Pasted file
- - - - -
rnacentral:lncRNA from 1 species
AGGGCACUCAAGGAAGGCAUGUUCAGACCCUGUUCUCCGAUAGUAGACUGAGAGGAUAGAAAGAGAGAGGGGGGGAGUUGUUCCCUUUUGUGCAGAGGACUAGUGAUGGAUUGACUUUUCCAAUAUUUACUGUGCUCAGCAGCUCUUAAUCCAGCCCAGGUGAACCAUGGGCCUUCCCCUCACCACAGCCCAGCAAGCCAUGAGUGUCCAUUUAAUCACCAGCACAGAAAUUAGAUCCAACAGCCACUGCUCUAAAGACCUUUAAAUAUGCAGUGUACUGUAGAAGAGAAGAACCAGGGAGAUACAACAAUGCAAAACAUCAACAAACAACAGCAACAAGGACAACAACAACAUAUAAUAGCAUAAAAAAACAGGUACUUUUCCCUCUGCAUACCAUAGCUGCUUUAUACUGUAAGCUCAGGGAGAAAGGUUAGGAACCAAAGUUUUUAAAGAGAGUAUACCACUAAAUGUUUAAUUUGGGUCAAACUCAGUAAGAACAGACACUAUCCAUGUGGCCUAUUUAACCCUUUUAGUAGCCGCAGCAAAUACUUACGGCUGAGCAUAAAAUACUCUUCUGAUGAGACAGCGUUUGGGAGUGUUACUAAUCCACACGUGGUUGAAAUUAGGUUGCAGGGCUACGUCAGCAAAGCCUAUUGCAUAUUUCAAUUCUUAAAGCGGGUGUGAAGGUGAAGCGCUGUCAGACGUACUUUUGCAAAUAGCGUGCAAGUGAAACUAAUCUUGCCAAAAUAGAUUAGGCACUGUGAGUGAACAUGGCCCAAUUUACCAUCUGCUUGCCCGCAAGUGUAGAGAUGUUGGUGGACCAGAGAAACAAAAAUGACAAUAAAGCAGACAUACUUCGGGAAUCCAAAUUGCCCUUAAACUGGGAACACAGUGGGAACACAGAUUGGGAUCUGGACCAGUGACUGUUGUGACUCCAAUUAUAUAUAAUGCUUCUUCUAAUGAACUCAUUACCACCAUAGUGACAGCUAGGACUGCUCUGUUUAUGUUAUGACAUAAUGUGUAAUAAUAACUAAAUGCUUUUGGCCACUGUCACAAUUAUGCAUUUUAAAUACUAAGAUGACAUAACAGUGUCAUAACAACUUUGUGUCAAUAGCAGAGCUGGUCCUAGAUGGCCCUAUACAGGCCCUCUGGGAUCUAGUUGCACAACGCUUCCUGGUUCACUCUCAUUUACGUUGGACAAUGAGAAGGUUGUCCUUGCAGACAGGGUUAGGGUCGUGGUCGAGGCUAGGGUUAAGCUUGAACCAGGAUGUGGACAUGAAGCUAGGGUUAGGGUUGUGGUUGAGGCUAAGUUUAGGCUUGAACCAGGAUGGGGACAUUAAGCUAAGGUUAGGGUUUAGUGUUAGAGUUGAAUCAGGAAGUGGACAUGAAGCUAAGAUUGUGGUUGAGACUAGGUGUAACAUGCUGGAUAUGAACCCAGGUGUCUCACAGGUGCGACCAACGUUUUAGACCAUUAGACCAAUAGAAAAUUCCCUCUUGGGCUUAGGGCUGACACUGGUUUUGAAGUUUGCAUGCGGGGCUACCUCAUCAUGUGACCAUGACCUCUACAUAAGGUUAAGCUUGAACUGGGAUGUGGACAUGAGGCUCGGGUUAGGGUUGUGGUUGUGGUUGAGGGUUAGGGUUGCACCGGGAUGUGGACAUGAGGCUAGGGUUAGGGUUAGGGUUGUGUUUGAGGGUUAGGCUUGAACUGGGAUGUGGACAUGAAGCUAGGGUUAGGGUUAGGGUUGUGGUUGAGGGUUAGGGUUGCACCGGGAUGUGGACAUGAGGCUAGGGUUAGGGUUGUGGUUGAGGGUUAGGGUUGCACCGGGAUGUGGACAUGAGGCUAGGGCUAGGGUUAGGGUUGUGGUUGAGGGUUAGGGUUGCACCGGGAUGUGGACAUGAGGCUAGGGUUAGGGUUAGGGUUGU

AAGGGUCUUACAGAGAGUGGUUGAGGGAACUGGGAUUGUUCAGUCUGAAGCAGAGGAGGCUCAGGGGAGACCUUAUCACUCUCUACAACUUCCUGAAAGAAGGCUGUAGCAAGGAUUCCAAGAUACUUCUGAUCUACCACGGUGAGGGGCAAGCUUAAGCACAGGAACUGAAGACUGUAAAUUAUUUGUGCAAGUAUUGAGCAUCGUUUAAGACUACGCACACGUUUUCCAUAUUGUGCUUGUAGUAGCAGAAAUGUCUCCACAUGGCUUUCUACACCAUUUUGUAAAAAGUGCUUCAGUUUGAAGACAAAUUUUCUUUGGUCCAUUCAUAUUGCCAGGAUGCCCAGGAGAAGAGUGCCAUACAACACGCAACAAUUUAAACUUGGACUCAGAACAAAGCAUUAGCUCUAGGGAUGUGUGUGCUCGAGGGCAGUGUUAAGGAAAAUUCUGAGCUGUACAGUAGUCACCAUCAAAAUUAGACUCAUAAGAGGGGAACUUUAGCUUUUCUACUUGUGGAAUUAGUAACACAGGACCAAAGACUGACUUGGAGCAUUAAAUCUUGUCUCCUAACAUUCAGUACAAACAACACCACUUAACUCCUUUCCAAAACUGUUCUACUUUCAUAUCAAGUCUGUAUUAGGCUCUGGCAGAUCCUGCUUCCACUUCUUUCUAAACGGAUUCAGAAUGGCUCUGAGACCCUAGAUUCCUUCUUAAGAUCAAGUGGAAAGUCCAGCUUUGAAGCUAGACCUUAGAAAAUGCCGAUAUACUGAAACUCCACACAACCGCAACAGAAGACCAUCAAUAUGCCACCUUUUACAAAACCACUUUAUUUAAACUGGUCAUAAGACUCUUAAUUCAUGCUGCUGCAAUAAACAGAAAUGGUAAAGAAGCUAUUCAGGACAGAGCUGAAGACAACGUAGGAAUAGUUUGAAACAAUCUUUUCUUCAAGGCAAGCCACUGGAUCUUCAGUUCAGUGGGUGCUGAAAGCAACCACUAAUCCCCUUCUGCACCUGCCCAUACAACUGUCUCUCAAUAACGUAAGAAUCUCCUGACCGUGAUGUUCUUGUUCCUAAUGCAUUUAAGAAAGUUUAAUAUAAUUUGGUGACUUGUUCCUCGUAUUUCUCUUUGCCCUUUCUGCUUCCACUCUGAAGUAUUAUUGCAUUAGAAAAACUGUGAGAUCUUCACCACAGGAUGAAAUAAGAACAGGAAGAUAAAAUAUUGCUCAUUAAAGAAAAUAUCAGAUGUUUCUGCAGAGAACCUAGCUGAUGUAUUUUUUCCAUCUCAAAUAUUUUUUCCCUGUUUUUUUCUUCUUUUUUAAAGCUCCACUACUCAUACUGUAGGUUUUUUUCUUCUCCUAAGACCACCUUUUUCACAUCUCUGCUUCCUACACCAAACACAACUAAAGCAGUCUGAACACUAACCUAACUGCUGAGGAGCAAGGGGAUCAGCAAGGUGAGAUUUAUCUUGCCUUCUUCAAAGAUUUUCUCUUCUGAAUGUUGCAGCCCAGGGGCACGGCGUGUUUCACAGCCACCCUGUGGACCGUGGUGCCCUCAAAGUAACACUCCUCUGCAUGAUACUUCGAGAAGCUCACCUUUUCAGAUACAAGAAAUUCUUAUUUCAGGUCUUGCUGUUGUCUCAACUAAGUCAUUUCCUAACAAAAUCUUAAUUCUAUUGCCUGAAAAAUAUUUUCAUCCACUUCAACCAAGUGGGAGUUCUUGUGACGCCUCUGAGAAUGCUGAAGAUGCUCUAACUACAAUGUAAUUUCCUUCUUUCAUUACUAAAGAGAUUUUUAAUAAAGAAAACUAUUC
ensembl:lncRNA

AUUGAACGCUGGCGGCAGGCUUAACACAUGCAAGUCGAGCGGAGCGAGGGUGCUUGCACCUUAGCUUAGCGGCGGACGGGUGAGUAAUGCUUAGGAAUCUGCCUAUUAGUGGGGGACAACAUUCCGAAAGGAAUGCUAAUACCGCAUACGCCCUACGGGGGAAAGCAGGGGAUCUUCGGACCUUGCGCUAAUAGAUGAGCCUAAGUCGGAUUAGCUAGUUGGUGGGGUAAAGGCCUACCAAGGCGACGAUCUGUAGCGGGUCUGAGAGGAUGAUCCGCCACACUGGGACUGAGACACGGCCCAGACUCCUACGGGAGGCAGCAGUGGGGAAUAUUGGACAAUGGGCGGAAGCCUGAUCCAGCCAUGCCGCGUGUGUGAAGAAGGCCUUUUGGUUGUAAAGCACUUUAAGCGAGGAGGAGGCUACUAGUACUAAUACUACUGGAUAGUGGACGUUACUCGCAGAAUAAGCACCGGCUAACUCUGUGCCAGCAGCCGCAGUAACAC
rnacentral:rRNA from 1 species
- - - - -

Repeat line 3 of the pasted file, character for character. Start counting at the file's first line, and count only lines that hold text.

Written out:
AAGGGUCUUACAGAGAGUGGUUGAGGGAACUGGGAUUGUUCAGUCUGAAGCAGAGGAGGCUCAGGGGAGACCUUAUCACUCUCUACAACUUCCUGAAAGAAGGCUGUAGCAAGGAUUCCAAGAUACUUCUGAUCUACCACGGUGAGGGGCAAGCUUAAGCACAGGAACUGAAGACUGUAAAUUAUUUGUGCAAGUAUUGAGCAUCGUUUAAGACUACGCACACGUUUUCCAUAUUGUGCUUGUAGUAGCAGAAAUGUCUCCACAUGGCUUUCUACACCAUUUUGUAAAAAGUGCUUCAGUUUGAAGACAAAUUUUCUUUGGUCCAUUCAUAUUGCCAGGAUGCCCAGGAGAAGAGUGCCAUACAACACGCAACAAUUUAAACUUGGACUCAGAACAAAGCAUUAGCUCUAGGGAUGUGUGUGCUCGAGGGCAGUGUUAAGGAAAAUUCUGAGCUGUACAGUAGUCACCAUCAAAAUUAGACUCAUAAGAGGGGAACUUUAGCUUUUCUACUUGUGGAAUUAGUAACACAGGACCAAAGACUGACUUGGAGCAUUAAAUCUUGUCUCCUAACAUUCAGUACAAACAACACCACUUAACUCCUUUCCAAAACUGUUCUACUUUCAUAUCAAGUCUGUAUUAGGCUCUGGCAGAUCCUGCUUCCACUUCUUUCUAAACGGAUUCAGAAUGGCUCUGAGACCCUAGAUUCCUUCUUAAGAUCAAGUGGAAAGUCCAGCUUUGAAGCUAGACCUUAGAAAAUGCCGAUAUACUGAAACUCCACACAACCGCAACAGAAGACCAUCAAUAUGCCACCUUUUACAAAACCACUUUAUUUAAACUGGUCAUAAGACUCUUAAUUCAUGCUGCUGCAAUAAACAGAAAUGGUAAAGAAGCUAUUCAGGACAGAGCUGAAGACAACGUAGGAAUAGUUUGAAACAAUCUUUUCUUCAAGGCAAGCCACUGGAUCUUCAGUUCAGUGGGUGCUGAAAGCAACCACUAAUCCCCUUCUGCACCUGCCCAUACAACUGUCUCUCAAUAACGUAAGAAUCUCCUGACCGUGAUGUUCUUGUUCCUAAUGCAUUUAAGAAAGUUUAAUAUAAUUUGGUGACUUGUUCCUCGUAUUUCUCUUUGCCCUUUCUGCUUCCACUCUGAAGUAUUAUUGCAUUAGAAAAACUGUGAGAUCUUCACCACAGGAUGAAAUAAGAACAGGAAGAUAAAAUAUUGCUCAUUAAAGAAAAUAUCAGAUGUUUCUGCAGAGAACCUAGCUGAUGUAUUUUUUCCAUCUCAAAUAUUUUUUCCCUGUUUUUUUCUUCUUUUUUAAAGCUCCACUACUCAUACUGUAGGUUUUUUUCUUCUCCUAAGACCACCUUUUUCACAUCUCUGCUUCCUACACCAAACACAACUAAAGCAGUCUGAACACUAACCUAACUGCUGAGGAGCAAGGGGAUCAGCAAGGUGAGAUUUAUCUUGCCUUCUUCAAAGAUUUUCUCUUCUGAAUGUUGCAGCCCAGGGGCACGGCGUGUUUCACAGCCACCCUGUGGACCGUGGUGCCCUCAAAGUAACACUCCUCUGCAUGAUACUUCGAGAAGCUCACCUUUUCAGAUACAAGAAAUUCUUAUUUCAGGUCUUGCUGUUGUCUCAACUAAGUCAUUUCCUAACAAAAUCUUAAUUCUAUUGCCUGAAAAAUAUUUUCAUCCACUUCAACCAAGUGGGAGUUCUUGUGACGCCUCUGAGAAUGCUGAAGAUGCUCUAACUACAAUGUAAUUUCCUUCUUUCAUUACUAAAGAGAUUUUUAAUAAAGAAAACUAUUC